|Authors: ||S. Valencia-Chamorro, C. Tapia-Peņafiel, M.C. Sotomayor-Grijalva|
|Keywords: ||shredded cabbage, GRAS compounds, chemical treatments, physical treatments|
The effects of the addition of chemical compounds classified as LSQUOgenerally recognized as safeRSQUO (GRAS), and hot water, on fresh-cut cabbage were studied.
Strips were prepared from cabbages and treated with solutions of acetic acid (AT) (0.15%, w/w), ascorbic acid (AA) (0.2%, w/w) and citric acid (0.5%, w/w) in combination, potassium sorbate (SP) (0.2%, w/w), and water as a control (C). Treated samples were packed in polypropylene (PP) bags and stored at 4°C for 12 days.
Physical, chemical, microbiological, and sensory analyses were performed.
Samples treated with the ascorbic-citric acid combination exhibited lower browning index (BI), lower microbial contamination and better sensory attributes than the other samples.
In another experiment, this chemical treatment was compared with samples immersed in hot water.
Cabbage strips were treated with the ascorbic-citric acid combination, dipped in hot water (60°C, 2 min), and dipped in water at ambient temperature as a control; these were packed in PP and low-density polyethylene (LDPE) bags, and stored at 4°C for 12 days.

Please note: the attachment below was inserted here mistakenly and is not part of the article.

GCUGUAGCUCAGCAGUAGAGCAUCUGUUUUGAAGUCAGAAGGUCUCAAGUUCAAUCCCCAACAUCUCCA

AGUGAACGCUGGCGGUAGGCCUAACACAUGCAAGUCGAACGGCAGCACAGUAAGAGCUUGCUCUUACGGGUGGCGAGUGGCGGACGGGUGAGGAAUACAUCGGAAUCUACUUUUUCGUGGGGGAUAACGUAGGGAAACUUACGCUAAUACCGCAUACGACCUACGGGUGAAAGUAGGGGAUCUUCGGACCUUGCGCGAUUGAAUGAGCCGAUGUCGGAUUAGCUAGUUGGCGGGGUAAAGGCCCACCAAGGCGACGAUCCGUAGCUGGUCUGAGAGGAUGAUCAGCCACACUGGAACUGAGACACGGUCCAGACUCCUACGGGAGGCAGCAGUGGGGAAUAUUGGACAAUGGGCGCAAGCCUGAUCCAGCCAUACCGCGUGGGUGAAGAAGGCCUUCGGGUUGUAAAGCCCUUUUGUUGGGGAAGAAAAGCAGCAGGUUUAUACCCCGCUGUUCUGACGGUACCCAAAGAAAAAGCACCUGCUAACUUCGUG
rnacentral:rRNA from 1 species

Samples with the hot-water treatment showed a weight loss of less than 0.2%, and lower carbon dioxide accumulation inside the bags than other samples.
In this treatment, total polyphenol content was reduced by around 15.5% compared with the initial sample (363 mg 100 g-1 as % gallic acid equivalents); however, ΔE was the highest.
The ascorbic-citric acid combination treatment showed a weight loss of less than 0.5%. This treatment maintained the microbiological and sensory quality of samples during the storage time.
Total polyphenol content was increased by 8.2%. Thus, the ascorbic-citric acid combination treatment may be an alternative for fresh-cut white cabbage.
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